One of the mysteries of the English language finally explained.
1A body of troops or police officers standing or moving in close formation.‘six hundred marchers set off, led by a phalanx of police’
- ‘We make our way slowly out of the field and along the side of a small country road, passing a phalanx of police officers dressed in riot gear.’
- ‘He was moved through the media scrum surrounded by a phalanx of Dallas police officers.’
- ‘We were two blocks from the police phalanx moving up the street toward us and pushing the Free Carnival Area of the Americas ahead of them.’
- ‘Dozens of pro- and anti-Estrada protesters had to be held back from near the main entrance of the court, where a phalanx of policemen were on guard and steel barricades had been erected.’
- ‘An hour earlier, phalanxes of police officers had closed in on peaceful sidewalk protestors, forcing them into the street and herding them helplessly away.’
- 1.1 A group of people or things of a similar type forming a compact body.‘he headed past the phalanx of waiting reporters to the line of limos’
- ‘The first feature to catch the eye is a giant nine-meter dish surrounded by phalanx of smaller satellite dishes for transmitting and receiving signals.’
- ‘How far did Handel's music exert a stranglehold, and was it ever seen as supporting the conservative Ancient Music phalanx, which was uniquely strong in Britain?’
- ‘With Spain's phalanx of minimalist technicians happy to pass the ball among themselves early on, the first half-hour passed off almost entirely without incident.’
- ‘Labour's manifesto was launched not by the Prime Minister alone but by a carefully choreographed phalanx of six ministers, with the remainder of the Cabinet arrayed behind them as a silent chorus.’
- ‘The most recent addition to the West End of Glasgow's phalanx of themed restaurants, Arisaig, occupies the site of the former Living Room pub at the bottom of Byres Road.’
- ‘It seems pointless to lump these three very different authors together, particularly when they are juxtaposed against a phalanx of the great and the good of mainly ascendancy writing.’
- ‘With the help of the late Pim Fortuyn's phalanx of oddball MPs, he is putting together the most right-wing government seen in Holland since the war.’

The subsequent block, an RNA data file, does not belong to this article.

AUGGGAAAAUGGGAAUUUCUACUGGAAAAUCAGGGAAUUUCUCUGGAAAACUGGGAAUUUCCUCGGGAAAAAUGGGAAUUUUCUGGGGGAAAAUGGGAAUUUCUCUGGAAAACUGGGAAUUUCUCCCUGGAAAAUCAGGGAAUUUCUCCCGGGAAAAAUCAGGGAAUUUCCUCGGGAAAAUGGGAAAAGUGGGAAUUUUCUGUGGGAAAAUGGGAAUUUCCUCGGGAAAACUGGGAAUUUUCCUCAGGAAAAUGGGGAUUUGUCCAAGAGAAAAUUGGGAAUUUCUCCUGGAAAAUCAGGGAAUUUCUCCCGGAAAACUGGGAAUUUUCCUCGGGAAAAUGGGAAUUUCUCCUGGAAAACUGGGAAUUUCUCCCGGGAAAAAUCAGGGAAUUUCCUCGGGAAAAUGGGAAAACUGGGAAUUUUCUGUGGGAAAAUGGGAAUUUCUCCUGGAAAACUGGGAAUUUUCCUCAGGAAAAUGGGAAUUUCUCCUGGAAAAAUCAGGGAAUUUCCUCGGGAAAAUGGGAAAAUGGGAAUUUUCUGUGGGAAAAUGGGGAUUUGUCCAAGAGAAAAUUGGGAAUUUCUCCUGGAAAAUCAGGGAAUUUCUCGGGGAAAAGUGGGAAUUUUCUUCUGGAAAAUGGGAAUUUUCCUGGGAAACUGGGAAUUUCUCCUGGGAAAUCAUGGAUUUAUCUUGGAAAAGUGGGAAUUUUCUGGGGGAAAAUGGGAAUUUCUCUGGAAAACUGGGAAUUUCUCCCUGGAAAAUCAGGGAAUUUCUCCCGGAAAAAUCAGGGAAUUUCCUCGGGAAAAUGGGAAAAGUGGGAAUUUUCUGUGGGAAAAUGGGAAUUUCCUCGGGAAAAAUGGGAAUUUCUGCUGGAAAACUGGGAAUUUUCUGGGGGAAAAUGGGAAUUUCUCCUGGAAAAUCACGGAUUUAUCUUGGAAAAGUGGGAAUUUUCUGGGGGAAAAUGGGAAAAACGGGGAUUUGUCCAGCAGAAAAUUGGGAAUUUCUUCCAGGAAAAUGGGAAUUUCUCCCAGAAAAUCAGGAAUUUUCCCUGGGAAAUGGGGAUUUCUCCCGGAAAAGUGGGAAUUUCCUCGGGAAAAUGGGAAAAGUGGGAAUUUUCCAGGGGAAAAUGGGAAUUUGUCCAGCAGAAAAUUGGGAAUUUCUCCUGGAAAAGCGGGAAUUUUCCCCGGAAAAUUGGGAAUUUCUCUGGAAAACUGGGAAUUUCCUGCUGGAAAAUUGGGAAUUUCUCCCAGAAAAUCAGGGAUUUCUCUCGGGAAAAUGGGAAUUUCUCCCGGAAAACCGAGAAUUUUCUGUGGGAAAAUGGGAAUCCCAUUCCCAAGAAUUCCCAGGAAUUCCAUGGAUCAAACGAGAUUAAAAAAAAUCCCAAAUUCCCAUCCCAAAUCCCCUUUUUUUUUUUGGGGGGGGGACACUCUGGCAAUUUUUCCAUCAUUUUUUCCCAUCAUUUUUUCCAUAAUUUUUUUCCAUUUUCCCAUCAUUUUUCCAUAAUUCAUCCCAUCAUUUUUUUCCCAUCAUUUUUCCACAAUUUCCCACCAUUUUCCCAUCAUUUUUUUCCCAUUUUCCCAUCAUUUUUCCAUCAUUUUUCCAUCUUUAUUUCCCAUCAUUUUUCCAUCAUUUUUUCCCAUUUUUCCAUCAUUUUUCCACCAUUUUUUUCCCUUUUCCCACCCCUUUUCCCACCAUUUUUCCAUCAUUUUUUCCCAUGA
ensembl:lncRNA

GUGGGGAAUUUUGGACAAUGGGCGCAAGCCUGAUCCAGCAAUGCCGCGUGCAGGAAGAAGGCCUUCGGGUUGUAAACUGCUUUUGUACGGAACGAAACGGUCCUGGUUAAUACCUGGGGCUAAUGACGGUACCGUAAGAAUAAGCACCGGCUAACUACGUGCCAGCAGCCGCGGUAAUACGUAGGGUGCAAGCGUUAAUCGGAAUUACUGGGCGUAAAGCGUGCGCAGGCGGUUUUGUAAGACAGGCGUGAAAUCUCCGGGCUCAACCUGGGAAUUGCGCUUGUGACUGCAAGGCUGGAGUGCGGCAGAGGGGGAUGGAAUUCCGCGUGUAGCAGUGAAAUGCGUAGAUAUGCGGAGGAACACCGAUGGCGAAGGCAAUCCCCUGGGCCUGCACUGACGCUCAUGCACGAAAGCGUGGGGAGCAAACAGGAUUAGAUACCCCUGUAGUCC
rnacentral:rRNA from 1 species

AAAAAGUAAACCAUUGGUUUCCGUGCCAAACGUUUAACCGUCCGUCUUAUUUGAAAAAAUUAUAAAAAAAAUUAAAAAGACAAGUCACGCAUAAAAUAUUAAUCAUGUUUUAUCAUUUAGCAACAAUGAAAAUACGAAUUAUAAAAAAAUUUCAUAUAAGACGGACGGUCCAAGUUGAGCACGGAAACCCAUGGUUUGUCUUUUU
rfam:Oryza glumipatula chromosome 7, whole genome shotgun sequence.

- ‘This is the place where I take up arms on behalf of the common man - or at least the common motorist - against the grim phalanx of officialdom which seeks to strangle our freedoms.’
- ‘So you were at home, there's a knock at the door, you opened the door and there's a sort of phalanx of legal people and their associates there and they demand immediate access to your computer?’
- ‘It was by no means paranoid to imagine the loss of two or three of the Ulster Unionist Party's regular phalanx of 15 or so MPs from the inner counties.’
- ‘Here, librarians wander as wireless information warriors amid users at phalanxes of black computers.’
- ‘Of the strong modern phalanx of British composers, Judith Weir has long been a leader.’
- ‘This massed phalanx of critical women, their views reinforced by their happy agreement with each other, would plainly make any intimate compromise or concession on the part of the injured wife far harder to achieve.’
- ‘Most intriguing, though, is that phalanx of stolid men in colourless suits forever behind and beside Bush.’
- 1.2 (in ancient Greece) a body of Macedonian infantry drawn up in close order with shields touching and long spears overlapping.
- ‘And there was little beauty, if some nobility, in the famously effective Greek phalanx.’
- ‘Sixteen thousand of them he organized into a massive phalanx, even dressing them in Macedonian style.’
- ‘The Macedonian phalanx was Philip's creation, extended by Alexander.’
- ‘It demonstrated the superiority of the more flexible Roman legion over the Hellenistic pike phalanx.’
- ‘The Romans entered Macedonia, and the Macedonian phalanx fought its last battle on unfavourable ground at Pydna, on the morrow of the lunar eclipse in June 168.’
A bone of the finger or toe.
- ‘A single manual phalanx is shown on the first digit of the fore foot, although it is possible, or even likely that none of the manual phalanges were ossified.’
- ‘Two specimens, a distal two-thirds of a central metapodial and a complete proximal phalanx, are those of a large felid.’
- ‘Occasionally the fifth digit has only one crease because of a small middle phalanx.’
- ‘A calcined distal first phalanx was recovered from Unit B, Level 2, while Unit E, Level 4 contained a calcined distal third phalanx.’
- ‘Extensor pollicis brevis arises from the radius distal to abductor pollicis longus and inserts onto the base of the proximal phalanx of the thumb.’
Mid 16th century (denoting a body of Macedonian infantry): via Latin from Greek.
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